A Better Understanding the Google Assistant and Nordic Thingy
The first issue at hand is to replace the fragile cardboard case that comes with the Voice Hat with a strong wooden case. This is essential for when the family cat tests gravity by knocking the device off of whatever surface it is sitting on. The case is designed with extra internal and external space to accommodate a battery pack to make the device completely wireless.
Wooden Case holds Raspberry Pi, Speaker, Microphone, and Google AIYHat
The case holds the speaker in a horizontal position, elevated above an acoustic cutout. Several mounting holes and cutouts in the side of the case accommodate the Raspberry Pi SD Card, RJ45, and USB access. Power for the Pi is provided via a right-angle micro-usb adapter that connects to the pi inside the case and extends to an external battery pack. There is room inside the case for a battery if you wish to add one.
While painting and raster engraving are optional, vector cuts by a laser in ⅛” baltic-birch plywood or MDF are required to assemble the design. The speaker and MEMS microphone are connected to the wooden exterior with 1.5mm closed-cell craft foam and spray adhesive.
The cost to laser cut parts is typically quoted by the laser runtime. To decrease the cost of the first prototype, I elected not to do the background pattern engraving. This worked out as I initially located the raspberry pi to close to the top and did not provide enough room for the power entry cable. In the design provided, the pi has been shifted as close to the speaker as possible. That makes attaching power and video cables as easy as possible.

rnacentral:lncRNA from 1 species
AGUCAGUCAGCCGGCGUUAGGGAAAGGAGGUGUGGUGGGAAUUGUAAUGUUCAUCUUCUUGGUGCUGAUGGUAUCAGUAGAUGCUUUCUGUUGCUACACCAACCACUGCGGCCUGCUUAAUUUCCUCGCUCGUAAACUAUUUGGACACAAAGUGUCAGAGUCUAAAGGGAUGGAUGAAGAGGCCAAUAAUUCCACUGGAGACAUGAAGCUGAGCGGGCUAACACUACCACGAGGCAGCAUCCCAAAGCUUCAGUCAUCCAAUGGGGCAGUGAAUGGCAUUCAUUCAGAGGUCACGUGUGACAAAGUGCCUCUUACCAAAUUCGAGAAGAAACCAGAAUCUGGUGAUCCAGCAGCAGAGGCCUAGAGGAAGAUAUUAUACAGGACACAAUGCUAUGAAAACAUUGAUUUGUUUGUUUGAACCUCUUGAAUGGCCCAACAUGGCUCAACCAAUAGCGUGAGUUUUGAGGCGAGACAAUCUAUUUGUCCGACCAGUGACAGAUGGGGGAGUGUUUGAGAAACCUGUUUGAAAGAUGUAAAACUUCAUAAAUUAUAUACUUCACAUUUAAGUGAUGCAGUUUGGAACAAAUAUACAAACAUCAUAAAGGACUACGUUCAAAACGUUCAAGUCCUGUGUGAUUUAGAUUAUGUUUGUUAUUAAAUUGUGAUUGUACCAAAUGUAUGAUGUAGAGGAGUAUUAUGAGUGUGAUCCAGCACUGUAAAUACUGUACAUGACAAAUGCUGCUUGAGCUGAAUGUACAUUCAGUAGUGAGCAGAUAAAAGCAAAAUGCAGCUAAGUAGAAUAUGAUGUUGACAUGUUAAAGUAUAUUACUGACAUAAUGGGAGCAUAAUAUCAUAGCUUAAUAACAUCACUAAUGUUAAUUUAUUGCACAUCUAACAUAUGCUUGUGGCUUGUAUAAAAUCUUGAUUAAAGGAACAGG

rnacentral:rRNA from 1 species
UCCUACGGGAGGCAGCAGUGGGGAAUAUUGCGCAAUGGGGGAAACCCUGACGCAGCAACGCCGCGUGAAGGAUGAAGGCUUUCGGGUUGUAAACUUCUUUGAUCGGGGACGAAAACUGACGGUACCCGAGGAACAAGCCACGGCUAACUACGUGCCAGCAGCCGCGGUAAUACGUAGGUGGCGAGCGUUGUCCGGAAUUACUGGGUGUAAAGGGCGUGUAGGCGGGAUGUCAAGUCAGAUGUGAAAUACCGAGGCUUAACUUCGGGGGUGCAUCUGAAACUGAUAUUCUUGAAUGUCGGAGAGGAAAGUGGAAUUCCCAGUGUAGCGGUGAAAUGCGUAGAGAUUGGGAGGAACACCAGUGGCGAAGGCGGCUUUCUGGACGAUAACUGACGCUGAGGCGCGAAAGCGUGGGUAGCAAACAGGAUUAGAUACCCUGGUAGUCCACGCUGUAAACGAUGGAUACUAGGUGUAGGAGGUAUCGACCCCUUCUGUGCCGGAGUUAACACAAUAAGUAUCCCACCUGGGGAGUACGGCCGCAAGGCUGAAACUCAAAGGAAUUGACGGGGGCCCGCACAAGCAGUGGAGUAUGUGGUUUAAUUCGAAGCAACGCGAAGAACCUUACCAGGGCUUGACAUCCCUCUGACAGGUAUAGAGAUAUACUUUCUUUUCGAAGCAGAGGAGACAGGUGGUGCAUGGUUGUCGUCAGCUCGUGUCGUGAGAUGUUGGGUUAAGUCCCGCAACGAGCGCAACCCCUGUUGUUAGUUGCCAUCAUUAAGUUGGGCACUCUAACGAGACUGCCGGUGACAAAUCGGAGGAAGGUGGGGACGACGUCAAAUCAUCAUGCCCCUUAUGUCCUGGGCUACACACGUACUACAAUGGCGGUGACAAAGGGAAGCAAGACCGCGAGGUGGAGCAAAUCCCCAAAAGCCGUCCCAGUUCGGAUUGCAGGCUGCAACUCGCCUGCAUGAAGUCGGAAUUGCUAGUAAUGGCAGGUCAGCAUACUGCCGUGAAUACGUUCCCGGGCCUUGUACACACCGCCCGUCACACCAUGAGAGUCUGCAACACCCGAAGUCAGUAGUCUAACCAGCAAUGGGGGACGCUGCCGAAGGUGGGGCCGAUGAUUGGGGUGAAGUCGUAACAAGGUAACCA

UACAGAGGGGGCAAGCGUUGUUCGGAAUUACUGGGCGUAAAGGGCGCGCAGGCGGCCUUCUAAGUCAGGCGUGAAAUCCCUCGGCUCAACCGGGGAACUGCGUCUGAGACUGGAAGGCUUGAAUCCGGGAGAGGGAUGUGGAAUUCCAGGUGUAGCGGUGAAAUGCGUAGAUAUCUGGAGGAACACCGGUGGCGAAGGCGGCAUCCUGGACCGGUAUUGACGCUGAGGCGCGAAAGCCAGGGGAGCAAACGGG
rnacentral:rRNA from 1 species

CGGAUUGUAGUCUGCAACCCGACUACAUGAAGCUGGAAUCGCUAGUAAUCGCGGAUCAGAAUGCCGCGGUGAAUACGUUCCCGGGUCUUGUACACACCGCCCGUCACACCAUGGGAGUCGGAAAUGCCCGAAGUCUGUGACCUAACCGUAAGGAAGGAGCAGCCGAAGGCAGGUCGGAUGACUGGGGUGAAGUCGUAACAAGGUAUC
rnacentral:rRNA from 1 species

Wooden case shown with optional engraving. The cost of raster engraving is this design is decreased with a horizontal alignment. It takes time for the laser to slow and then again reach speed after each line of print. Allowing the laser more time at constant speed and fewer accelerations reduces print time.
To decrease mechanical vibrations that would negatively impact the MEMS microphones, both the speaker and the microphones are isolated from the case with commercially available closed-cell craft foam. The microphone is glued to the foam, which is glued to the case, and the four holes are used for alignment. Avoid contaminating the microphone holes by spraying both sides of the foam away from the microphones, allow the adhesive to become tacky and then use M3x10mm hardware to align the foam, microphone, and case. The hardware can be removed or left in place after the glue dries. Holes made in the case should be between 1.0 mm and 1.5 mm in diameter, and holes in the foam should be ~25% larger. If you use the laser to pierce the foam, drill an undersized hole, as the melting foam will shrink away from the laser beam.
A slightly oversized foam ring is attached with spray adhesive to the bottom speaker panel.
The speaker is bolted to the bottom panel with M3x10mm hardware. #4-40 hardware should also fit.
These pieces create a retaining fixture for the M3 nuts. Glue these to the top section with the nuts sandwiched between the top section and the bottom, smaller hole.
After all the parts are laser cut, deburred, and lightly sanded, apply glue to all the joints and assemble. Use tape or rubber bands to hold the pieces together while the glue dries. If you are going to paint the wood, do it prior to the laser engraving. If you pain after the final assembly, you risk fouling the microphone holes.